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Accounting News Roundup: Diversity in Accounting Could Be Worse; ‘This doesn’t pass the smell test’ | 05.01.17

Exposure Drafts - Diversity - accounting

Diversity in accounting: It could be worse!

Accounting firms pay a lot of lip service to diversity. The Big 4, especially, like to point out the number of women and minorities they hire, and the statistics do bear it out. However, at the partnership level, the profile is still largely white and male. Still, accounting firms can claim, “Hey, at least we’re not tech companies!“:

Sexual harassment, bullying and racist stereotyping are common in the technology industry, creating a culture that drives underrepresented employees out of their jobs, new research has found.

One in 10 women in tech experience unwanted sexual attention, and nearly one in four people of color face stereotyping, according to the Kapor Center for Social Impact and Harris Poll, which surveyed more than 2,000 people who left tech jobs in the last three years.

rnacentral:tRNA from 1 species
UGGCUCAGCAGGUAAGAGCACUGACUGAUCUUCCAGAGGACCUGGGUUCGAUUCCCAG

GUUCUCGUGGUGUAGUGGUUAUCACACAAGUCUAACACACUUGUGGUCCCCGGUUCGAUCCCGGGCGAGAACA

The findings – which suggest that sexual harassment and complaints about unfairness are disproportionately high in the tech sector compared to other industries – come at a time of heightened debates around diversity and discrimination in Silicon Valley.

Accounting has the benefit of not being as heavily scrutinized as the tech world. But it’s hard to say if a survey on the accounting profession would yield different results.

SEC enforcement

Perhaps there are exceptions, but in general, you never want someone writing this about you in an email:

I believe that is being done to avoid Corporate policy and try to “hide” this from the auditors. I could be mistaken, but this doesn’t pass the smell test.

That’s from a SEC enforcement order for David Pruitt, the former VP of Finance for the Army Sustainment Division of L3 Technologies Inc. He’s been accused of “creating invoices that were not actually delivered at the same time that the revenue was recorded.” The additional revenue of $17.9 million that was recognized “allegedly” allowed the Army Sustainment Division to hit an internal target that generated bonuses to the employees.

Previously, on Going Concern…

Marsha Leest wrote about listening. Megan Lewczyk wrote about a smart people shortage. In Open Items, someone’s asking about credits earned abroad for the 150 credit hour requirement.

In other news:

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